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DIELECTRICS IN A HOT WATER Heater

mobiledynamics
mobiledynamics Member Posts: 6
edited January 2023 in Pipe Deterioration
hi -

I've been hemming hawing on how to plumb the inlet/outlet on my new HW tank.
Year 5, I replaced the anode rod. It had plenty of life left on it.
In April of this year, it would have been year 8.
This was what I discovered on the tank side of the hot water outlet nipple : Brass Nipple I just removed. It's about 85% plugged, 1/4 thick, and I'm not sure if that is from the rod or from the tank.



Regardless, I thought a brass nipple was the better method of install off the tank.

New tank in place, with shark bite hoses for a temp hookup.

Thinking on Ridgid tie in. Stock galvanized nippled, 3/4 brass coupler, 3/4 Bronze Male-Copper adapter (Viega Press Male to CU) . CU tie in to house lines.

Option 2 is just a CU flex line back to the house lines.
Everyone seems to say the flex lines have di-electric built in. When I look at the CU flex line, aside from the brass nut, and washer, it's just a 2 inch pex linining on both ends of the flex line.

Anyhow, was blown away by how much corrosion on saw on the nipple that I'm not sure what is the correct best practice to plumb this thing up


https://www.dropbox.com/s/n0hayg5siq306gd/clog.png?dl=0


Comments

  • Mad Dog_2
    Mad Dog_2 Member Posts: 6,918
    edited January 2023
    I usually do my water heaters with Red Brass unions or Copper x Male or female unions right on to the water heater nipples.  Dialectrics are fine, but aren't necessary in many cases, and they are NOT cheap.  Mad 🐕 Dog
  • Larry Weingarten
    Larry Weingarten Member Posts: 3,289
    Hi, My preferred method is to use plastic lined steel nipples in the tank, and from there go with copper or stainless flex connectors as long as they have real dielectrics built into their ends. This means the rubber washer inside of the nut and a plastic bushing visible between the nut and tube. If you use an ohm meter between the nut and tube, you should get no continuity.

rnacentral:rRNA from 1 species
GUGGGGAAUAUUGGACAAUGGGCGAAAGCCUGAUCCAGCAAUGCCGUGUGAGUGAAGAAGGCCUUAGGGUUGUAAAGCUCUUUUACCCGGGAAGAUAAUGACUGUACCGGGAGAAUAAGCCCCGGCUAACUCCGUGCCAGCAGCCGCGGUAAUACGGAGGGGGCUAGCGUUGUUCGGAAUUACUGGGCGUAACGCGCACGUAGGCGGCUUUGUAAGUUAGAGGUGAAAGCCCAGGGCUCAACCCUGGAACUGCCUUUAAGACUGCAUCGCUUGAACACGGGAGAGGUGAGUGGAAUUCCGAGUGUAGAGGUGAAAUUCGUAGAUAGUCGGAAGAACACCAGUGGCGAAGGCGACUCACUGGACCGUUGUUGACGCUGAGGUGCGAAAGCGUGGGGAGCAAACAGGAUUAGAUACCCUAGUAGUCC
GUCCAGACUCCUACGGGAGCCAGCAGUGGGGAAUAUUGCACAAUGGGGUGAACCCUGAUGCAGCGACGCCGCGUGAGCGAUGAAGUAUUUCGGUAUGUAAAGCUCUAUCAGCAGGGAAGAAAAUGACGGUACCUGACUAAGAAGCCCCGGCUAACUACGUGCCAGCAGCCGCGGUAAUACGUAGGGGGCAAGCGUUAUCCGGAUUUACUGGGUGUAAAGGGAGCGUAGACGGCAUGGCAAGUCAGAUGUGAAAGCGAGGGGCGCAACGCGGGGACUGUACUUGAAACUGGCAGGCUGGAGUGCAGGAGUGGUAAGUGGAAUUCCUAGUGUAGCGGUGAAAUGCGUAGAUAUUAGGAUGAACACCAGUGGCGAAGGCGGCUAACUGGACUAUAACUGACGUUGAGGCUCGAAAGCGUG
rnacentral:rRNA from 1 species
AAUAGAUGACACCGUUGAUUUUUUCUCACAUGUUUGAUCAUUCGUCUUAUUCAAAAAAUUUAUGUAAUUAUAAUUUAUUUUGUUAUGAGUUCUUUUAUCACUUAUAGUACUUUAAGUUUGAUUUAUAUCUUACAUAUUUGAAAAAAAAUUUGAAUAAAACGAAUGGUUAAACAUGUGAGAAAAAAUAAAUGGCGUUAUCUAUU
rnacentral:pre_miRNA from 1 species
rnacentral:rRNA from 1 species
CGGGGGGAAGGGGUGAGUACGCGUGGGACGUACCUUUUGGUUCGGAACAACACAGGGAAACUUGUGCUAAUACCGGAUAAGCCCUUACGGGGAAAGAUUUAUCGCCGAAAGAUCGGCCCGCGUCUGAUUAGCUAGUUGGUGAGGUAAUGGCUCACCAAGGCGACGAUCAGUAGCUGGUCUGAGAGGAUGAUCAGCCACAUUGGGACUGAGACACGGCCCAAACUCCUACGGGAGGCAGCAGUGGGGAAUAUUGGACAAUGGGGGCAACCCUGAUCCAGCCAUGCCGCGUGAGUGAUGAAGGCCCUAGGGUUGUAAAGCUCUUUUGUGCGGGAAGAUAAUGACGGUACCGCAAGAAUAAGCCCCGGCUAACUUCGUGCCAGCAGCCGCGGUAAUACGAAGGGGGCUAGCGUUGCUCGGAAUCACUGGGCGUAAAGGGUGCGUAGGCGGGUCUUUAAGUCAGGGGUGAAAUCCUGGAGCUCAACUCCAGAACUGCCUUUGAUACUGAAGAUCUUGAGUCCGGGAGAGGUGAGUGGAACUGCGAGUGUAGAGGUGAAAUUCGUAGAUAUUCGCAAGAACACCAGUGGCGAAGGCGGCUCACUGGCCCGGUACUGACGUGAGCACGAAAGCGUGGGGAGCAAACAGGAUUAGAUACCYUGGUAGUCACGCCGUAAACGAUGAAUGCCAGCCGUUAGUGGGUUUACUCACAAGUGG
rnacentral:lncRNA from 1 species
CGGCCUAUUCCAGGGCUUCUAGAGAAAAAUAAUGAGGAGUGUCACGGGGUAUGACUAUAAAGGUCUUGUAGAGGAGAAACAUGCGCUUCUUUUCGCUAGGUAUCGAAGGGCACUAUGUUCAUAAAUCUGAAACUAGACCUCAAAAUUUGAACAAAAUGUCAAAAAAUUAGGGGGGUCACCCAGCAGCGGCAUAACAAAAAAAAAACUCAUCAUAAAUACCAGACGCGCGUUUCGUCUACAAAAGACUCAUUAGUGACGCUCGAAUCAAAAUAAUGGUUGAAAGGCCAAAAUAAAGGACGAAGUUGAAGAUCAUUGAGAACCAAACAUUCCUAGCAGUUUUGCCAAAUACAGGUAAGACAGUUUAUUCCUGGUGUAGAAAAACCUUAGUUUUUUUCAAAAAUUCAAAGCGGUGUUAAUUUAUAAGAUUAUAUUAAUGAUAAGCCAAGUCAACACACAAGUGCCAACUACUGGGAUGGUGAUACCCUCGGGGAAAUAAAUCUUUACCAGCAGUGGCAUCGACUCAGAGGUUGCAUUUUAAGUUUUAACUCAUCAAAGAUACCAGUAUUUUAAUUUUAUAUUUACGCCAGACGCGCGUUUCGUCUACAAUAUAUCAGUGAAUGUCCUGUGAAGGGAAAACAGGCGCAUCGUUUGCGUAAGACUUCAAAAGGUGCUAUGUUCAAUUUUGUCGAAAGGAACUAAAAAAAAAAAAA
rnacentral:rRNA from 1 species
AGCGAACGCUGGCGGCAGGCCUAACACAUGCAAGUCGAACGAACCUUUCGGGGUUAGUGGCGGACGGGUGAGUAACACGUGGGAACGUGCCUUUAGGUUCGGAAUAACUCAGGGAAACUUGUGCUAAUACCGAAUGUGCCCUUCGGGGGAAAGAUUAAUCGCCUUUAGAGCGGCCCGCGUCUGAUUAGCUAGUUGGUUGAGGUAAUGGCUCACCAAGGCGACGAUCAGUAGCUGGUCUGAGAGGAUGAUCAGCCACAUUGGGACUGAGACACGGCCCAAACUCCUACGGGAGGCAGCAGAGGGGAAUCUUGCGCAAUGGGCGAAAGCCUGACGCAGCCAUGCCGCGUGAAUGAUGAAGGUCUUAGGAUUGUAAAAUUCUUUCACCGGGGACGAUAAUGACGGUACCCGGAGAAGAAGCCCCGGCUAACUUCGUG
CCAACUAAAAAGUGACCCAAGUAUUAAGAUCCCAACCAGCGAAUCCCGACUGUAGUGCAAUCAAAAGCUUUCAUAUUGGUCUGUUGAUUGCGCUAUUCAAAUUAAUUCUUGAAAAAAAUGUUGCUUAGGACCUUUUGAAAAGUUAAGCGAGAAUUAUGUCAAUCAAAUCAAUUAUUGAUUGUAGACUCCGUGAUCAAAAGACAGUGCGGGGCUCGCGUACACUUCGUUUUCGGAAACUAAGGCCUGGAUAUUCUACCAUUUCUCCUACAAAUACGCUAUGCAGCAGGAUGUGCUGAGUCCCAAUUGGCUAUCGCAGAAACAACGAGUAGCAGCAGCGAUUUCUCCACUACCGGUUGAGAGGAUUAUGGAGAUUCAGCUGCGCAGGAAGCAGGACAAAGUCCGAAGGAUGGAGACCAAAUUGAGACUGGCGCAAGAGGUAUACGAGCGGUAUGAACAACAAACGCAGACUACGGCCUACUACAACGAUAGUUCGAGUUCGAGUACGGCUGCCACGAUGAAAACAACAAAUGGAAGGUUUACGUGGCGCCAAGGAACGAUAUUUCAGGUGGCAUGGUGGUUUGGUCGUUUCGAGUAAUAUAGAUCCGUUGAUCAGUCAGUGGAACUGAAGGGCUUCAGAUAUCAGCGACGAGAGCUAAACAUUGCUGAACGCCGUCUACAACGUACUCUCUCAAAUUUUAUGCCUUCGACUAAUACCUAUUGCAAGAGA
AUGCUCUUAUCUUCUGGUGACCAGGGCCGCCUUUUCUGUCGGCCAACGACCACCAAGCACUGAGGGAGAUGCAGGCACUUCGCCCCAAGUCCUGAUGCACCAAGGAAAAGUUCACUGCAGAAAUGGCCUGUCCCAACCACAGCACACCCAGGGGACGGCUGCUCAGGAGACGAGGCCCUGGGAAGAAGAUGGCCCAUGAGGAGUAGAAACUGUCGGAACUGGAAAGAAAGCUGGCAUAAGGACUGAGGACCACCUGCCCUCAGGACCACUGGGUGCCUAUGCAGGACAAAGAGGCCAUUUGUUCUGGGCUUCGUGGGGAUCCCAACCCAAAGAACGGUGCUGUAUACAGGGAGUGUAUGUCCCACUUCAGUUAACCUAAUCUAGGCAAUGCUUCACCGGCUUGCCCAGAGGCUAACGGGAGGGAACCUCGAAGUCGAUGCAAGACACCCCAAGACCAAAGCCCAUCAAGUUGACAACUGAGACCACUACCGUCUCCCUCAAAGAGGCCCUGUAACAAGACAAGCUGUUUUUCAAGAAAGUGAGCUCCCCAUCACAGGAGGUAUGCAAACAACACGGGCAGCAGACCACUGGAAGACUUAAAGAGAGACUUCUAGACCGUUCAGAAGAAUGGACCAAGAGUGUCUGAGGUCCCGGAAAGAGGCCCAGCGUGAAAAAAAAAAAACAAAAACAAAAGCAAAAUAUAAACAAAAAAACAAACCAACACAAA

I'm not fond of dielectrics as they often clog up with rust. Brass nipples into the tank become one more thing for the anode to "see" and protect, so they can clog up in conductive waters. In clean, not too conductive water, brass seems to work just fine.

    Yours, Larry
    hot_rod
  • mobiledynamics
    mobiledynamics Member Posts: 6
    edited January 2023
    In looking at the construction of the CU flex hose I have
    Brass Nut
    Rubber Washer / Looks like 2" Pex Liner/Bushing on the ends of the flex copper. The water will see the copper flex past the 2" Pex Liner on the end of the nut.

    With that said, would this be the same if I did the following

    Stock Line Galvy Nipples (lined)
    3/4 Red Brass Coupler
    3/4 Male Bronze (viega propress) fitting and then ---->Copper Hardline
  • Larry Weingarten
    Larry Weingarten Member Posts: 3,289
    Hi @mobiledynamics , If I'm understanding right, you would go from galvanized steel directly to brass. Brass will attack the steel once the zinc is gone, so I don't see this as a long-lived approach. Starting with a lined steel nipple in the tank might do it though. It also would put distance between different metals, which matters.

    Yours, Larry
  • mobiledynamics
    mobiledynamics Member Posts: 6
    edited January 2023
    Sorry, I presume you guys presumed the same. The stock tank nipple is lined. The liner only lines the ID. It doesn't -wrap- cover, the lip of the face of that thread.

    I think the only difference I can see is if I use a brass coupler, even though the stick factory nipple is lined - the top of the nipple will be exposed to H20, if I used a brass coupler.

    If I did the flex hose route, that would be sandwiched/covered by the washer. Maybe there is some water that may permeate through that washer, but that would be a macro micro level ?

    I dunno. Flex just looks so -cheap- to be vs a ridgid tie in.
    Maybe that rubber washer is the key to all of this....

    When I go searching for info, lotsa recommendations to replace the galvanized nipple with Brass.
    Needless to say, my pic speaks for itself though.....